BIMOTA DB4 PROJECT: PART TWO, THE CLEANING.

As part if getting to know a new project bike, I find giving it a good clean helps you to understand what will be needed.

2w ago
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Diving right into this project. Have already ordered some basic items that I know I will need. Service parts, brakes, tires and a few other small bits. As you could see in Part One, the bike has some dirt and grim on it from normal use. This bike has about 7k miles so some dirt is to be expected. From my experience this dirt can be hiding issues, or be used to hint at existing issues that need fixing, like weeping seals. As such I find that a deep clean at this stage in a project is very helpful. It accomplished a few things. First it forces you to go over the whole bike. This lets you better understand where all the components are and how they fit together. Second it lets you find any red flags showing deferred maintained, or someone that ignored a leak. Third it literally gives you a clean slate for the future. If there ends up being a leak or issues, you know how everything looked when you first started riding the bike. And finally it just gives you something to do while waiting on parts.

For all my projects I tend to break things down into the sub systems. I remove the brake calipers, fuel system, and a few other items. It is easier for me to work on a bench and with the smaller components in my hand it is easier to scrub.

Some light degreaser and an acid brush cuts through most of the dirt. I have an ultrasonic tank for the really stubborn stuff. Brake lines get taken off to be properly flushed. Masters stripped for rebuilding.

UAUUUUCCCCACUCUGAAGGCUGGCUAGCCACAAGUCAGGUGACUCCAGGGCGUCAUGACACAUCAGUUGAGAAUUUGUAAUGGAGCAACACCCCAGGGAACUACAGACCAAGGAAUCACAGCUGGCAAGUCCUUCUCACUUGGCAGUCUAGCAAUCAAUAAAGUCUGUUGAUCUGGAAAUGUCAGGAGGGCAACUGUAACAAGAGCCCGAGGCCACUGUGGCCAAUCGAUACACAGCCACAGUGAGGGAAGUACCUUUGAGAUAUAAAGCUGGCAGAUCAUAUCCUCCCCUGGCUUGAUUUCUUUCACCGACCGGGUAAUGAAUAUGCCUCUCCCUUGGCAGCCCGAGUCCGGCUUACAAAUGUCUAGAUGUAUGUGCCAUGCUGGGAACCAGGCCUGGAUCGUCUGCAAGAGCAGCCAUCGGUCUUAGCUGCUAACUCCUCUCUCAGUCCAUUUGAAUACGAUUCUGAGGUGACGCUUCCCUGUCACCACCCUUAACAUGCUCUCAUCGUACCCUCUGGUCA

Rather satisfying process really. Good news to report is that the brakes are in great shape. Just a good cleaning, fluid flush and fresh pads is all this bike will need. Many overlook flushing all the old brake fluid from the system. Over time it jells up and can reek havoc.

It is important to stay organized as the shear number of small parts can become overwhelming. I have grown to love these small silicon trays. But old take out trays work well too!

Controls and other plastic parts are treated to a brush down with some water and a little soap. Nothing fancy, but these little details now really pay off with the final product.

All the bodywork is treated to a nice detail. First a wash, then some clay bar to remove all the old contaminates. After that I like to seal the paint with Jescar, and top with Colinite 845. I do this on all my bikes. It gives a deep rich shine that is easy to maintain and long lasting.

The engine was scrubbed with a bit more vigor as the dirt is more caked on. A few its with the pressure washer were needed to really knock everything loose. Not looking to make everything perfect and "as new" Just want to show it for the well loved used machine that it is.

Overall things are turning out well. Have not found any major old leaks or anything to worry about yet.

The rearsets, exhaust, and clip ons all got the same love. All of the billet parts were also wiped down with some Autosol polish to lock in that beautiful shine. The frame was cleaned and protected as well.

I will do the wheels when I change the tires. Next step is to rebuild the carburetors.

Anyone else go through this ritual with a new project?

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